Moving and Post Traumatic IKEA Syndrome.

You’d think that I would be better at moving. As someone who has gone through 10 changes of address in the last five years, I should have this down to a fine art. I don’t. So much so that when I moved out of my furnished apartment I realized that I have 12 pint glasses, three suit cases, two “formal” sweatshirts, and not a single fork. Thanks to the behavior of the tenant before me, moving in has been a slow, often delayed process. It’ll be a while before my house looks like the hipster loft of my dreams, probably because I am woefully uninspired with décor. It’s a bad sign when a women in her late twenties gets genuinely excited about a frat-style pint glass collection.

Everything in this side table has escaped and rolled downstream.

There are a few cons about my new place, including the fact that the floors are tilted in a way that makes all of my round belongings roll towards the wall I share with my neighbor like a portly married couple that needs a new mattress. Ignoring the “charm factor”, I am starting to get excited about my new place. It’s located in the Poncey–Highlands neighborhood and has great access to running trails, bars, grocery stores, and the infamous Clermont Lounge, a strip club with the dancers’ ages averaging 46 years young.  Before I could take in the sights of my new neck of the woods, I had to survive the Swedish-designed labyrinth known as IKEA.

My pride and joy!
My pride and joy!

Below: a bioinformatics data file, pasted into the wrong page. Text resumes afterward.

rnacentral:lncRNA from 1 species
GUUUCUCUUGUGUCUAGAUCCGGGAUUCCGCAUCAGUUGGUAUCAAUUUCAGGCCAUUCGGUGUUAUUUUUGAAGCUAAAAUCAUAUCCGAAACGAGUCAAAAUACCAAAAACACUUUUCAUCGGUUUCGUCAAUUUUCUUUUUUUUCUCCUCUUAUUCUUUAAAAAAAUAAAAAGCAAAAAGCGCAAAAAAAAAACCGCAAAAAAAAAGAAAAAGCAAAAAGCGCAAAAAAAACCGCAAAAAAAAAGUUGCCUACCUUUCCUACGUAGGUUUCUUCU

I have been known to enjoy a trip to IKEA from time to time. My family would road trip across state lines to get our hands on the news EKTORP, KLINGSBO or KRAGSTA.* This trip was my first to the furniture mega-store alone. I rushed over right after work in a poor attempt to cut down on the amount of time I’d need – tell that to emotionally-wrecked, three-hours-in-the-future Katie. At first all seemed simple. Sure, I’ll pick up some drawer liners. My spirits were soon crushed by the seemingly endless array of options all designed for people with much cuter, flatter apartments then mine. This might be the right place to tell you that the place I had been living previously was furnished. This means that I needed not just a new shoe rack at IKEA, I needed everything. As the hours wore on and as I sent my long-suffering boyfriend photos of which wok I should buy, I began to lose hope. Why is everything so expensive? Why can’t my employer set up my whole house like in Korea? Where the hell are the little dodads I need for under my LACK end tables? Why doesn’t the Atlanta IKEA air-condition it’s warehouse? One Mom therapy phone session and too much money later, I escaped to the cool embrace of beer. I had a Sweetwater IPA, as it was the soul inhabitant of my fridge. My car was a Tetris of flat pack furniture but I had survived, and I deserved that beer. Now does anyone know where I can get a cheap couch?

*Has anyone made an IKEA line of beers? I could go for a cool pint of UPPLEVA right now.

sweetwater-ipa-bottleSweetwater IPA by Sweetwater Brewery

IPA / 6.3% / 65 IBUs

A great fixture from an overhyped brewery, Sweetwater IPA is a great choice for an affordable beer to keep in the refrigerator for unexpected feature shopping.  The beer is an unfiltered, dry IPA which has a medium hop flavor with a low level of carbonation. This isn’t the best choice for a summer beer as it can feel heavy in the heat. Like a BILLY bookshelf, Sweetwater IPA is a solid choice for most occasions and hits the right price point.

Final score, 3 out of 5 Swedish veggie meatballs



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